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BEIJING, July 23 China will boost support for
small companies and the farming sector by getting commercial
banks and the central bank to disburse more loans to them, the
cabinet said on Wednesday.
Chinese authorities have steadily loosened monetary and
fiscal policies this year to energise the world's second-largest
economy, even though they have avoided saying so in public,
preferring instead to couch any changes as "fine-tuning".
After a weekly meeting chaired by Premier Li Keqiang, the
State Council said many small Chinese companies still face
financing difficulties, which could fuel risk in the economy.
So the cabinet said the central bank would raise the sizes
of its "re-lending" and "re-discount" programmes to step up the
supply of funds to smaller companies and the farm sector.
The central bank's "re-lending" exercise issues loans
directly to commercial banks, which in turn lend to businesses.
The "re-discount" programme requires the central bank to inject
funds into commercial banks by buying their bills. Commercial
banks then lend the money on to companies.
"The total scale of credit supply is not small, but
companies, especially those smaller ones, are still facing
financing difficulties," the cabinet said.
"This not only exerts a heavy burden on firms, it also
weakens the effect of macroeconomic policies and brings about
financial risks," the cabinet said in an online statement.
To alleviate the financing challenges of smaller companies,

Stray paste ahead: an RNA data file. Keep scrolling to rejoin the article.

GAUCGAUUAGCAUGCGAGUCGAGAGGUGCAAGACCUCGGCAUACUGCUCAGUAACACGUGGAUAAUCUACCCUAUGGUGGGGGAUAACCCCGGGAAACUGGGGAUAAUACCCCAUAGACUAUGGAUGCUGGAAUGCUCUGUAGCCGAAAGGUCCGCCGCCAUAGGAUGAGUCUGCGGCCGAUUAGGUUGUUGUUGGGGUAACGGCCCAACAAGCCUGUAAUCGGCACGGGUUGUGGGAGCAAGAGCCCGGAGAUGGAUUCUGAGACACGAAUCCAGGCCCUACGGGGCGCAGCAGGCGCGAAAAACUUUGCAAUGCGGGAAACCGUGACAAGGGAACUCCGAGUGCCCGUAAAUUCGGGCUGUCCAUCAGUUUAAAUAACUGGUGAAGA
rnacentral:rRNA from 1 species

the cabinet told banks to cut the time taken to approve loans.
More financing avenues and credit insurance services would
be developed for smaller companies, it said, with financial
institutions created to cater to their needs.
Though the cabinet said China's interest rates market would
be gradually freed up to let banks price their lending risks
better, other remarks suggested that authorities will limit
banks' latitude to run their businesses.
Benchmarks for measuring banks' success will be revised to
ensure they are not only focused on maximising profits and
growing assets, the cabinet said, but gave no further details.
Furthermore, it said, financial institutions must not try to
attract savings by setting excessively high deposit rates.
Unnecessary financial intermediaries will also be cleared from
the market to cut companies' borrowing costs.
"We will continue to implement prudent monetary policy and
keep credit supply growing at an appropriate rate, while
improving the credit structure and intensifying the strength of
the re-lendng and re-discount programmes," the cabinet said.
Pro-growth measures taken by China include lowering the
amount of cash some banks are required to hold as reserves, and
getting banks -- which are controlled by the government -- to
step up lending to a level unseen since the 2008/09 financial
(Reporting by Aileen Wang and Koh Gui Qing; Editing by Clarence